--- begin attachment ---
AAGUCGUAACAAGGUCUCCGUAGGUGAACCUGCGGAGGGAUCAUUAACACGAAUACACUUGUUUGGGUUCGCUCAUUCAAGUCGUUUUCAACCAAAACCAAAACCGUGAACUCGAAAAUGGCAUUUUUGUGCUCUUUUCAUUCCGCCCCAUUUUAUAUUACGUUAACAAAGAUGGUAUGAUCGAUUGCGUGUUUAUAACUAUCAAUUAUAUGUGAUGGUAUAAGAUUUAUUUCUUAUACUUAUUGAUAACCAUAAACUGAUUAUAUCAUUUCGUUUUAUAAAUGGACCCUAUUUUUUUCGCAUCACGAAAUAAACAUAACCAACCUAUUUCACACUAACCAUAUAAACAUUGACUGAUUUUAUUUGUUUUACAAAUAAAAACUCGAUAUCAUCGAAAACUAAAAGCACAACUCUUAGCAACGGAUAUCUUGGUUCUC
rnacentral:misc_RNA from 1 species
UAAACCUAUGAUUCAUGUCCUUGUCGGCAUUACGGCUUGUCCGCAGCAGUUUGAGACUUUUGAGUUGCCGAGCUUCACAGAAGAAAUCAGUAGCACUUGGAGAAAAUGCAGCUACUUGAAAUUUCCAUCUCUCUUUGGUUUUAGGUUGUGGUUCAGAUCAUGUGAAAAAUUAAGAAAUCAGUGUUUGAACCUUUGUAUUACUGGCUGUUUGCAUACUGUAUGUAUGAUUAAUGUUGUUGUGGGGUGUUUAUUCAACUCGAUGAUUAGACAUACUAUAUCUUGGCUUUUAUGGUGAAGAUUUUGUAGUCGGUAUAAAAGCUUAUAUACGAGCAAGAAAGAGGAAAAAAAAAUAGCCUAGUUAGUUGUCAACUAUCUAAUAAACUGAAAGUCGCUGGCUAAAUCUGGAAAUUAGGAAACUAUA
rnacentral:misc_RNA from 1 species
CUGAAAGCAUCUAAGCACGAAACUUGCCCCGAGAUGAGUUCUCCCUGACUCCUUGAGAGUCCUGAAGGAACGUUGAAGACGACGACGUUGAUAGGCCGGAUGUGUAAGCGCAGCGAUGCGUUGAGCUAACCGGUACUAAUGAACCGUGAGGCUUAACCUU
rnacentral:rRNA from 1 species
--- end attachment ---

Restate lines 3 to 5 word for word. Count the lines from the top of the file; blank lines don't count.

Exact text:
UAAACCUAUGAUUCAUGUCCUUGUCGGCAUUACGGCUUGUCCGCAGCAGUUUGAGACUUUUGAGUUGCCGAGCUUCACAGAAGAAAUCAGUAGCACUUGGAGAAAAUGCAGCUACUUGAAAUUUCCAUCUCUCUUUGGUUUUAGGUUGUGGUUCAGAUCAUGUGAAAAAUUAAGAAAUCAGUGUUUGAACCUUUGUAUUACUGGCUGUUUGCAUACUGUAUGUAUGAUUAAUGUUGUUGUGGGGUGUUUAUUCAACUCGAUGAUUAGACAUACUAUAUCUUGGCUUUUAUGGUGAAGAUUUUGUAGUCGGUAUAAAAGCUUAUAUACGAGCAAGAAAGAGGAAAAAAAAAUAGCCUAGUUAGUUGUCAACUAUCUAAUAAACUGAAAGUCGCUGGCUAAAUCUGGAAAUUAGGAAACUAUA
rnacentral:misc_RNA from 1 species
CUGAAAGCAUCUAAGCACGAAACUUGCCCCGAGAUGAGUUCUCCCUGACUCCUUGAGAGUCCUGAAGGAACGUUGAAGACGACGACGUUGAUAGGCCGGAUGUGUAAGCGCAGCGAUGCGUUGAGCUAACCGGUACUAAUGAACCGUGAGGCUUAACCUU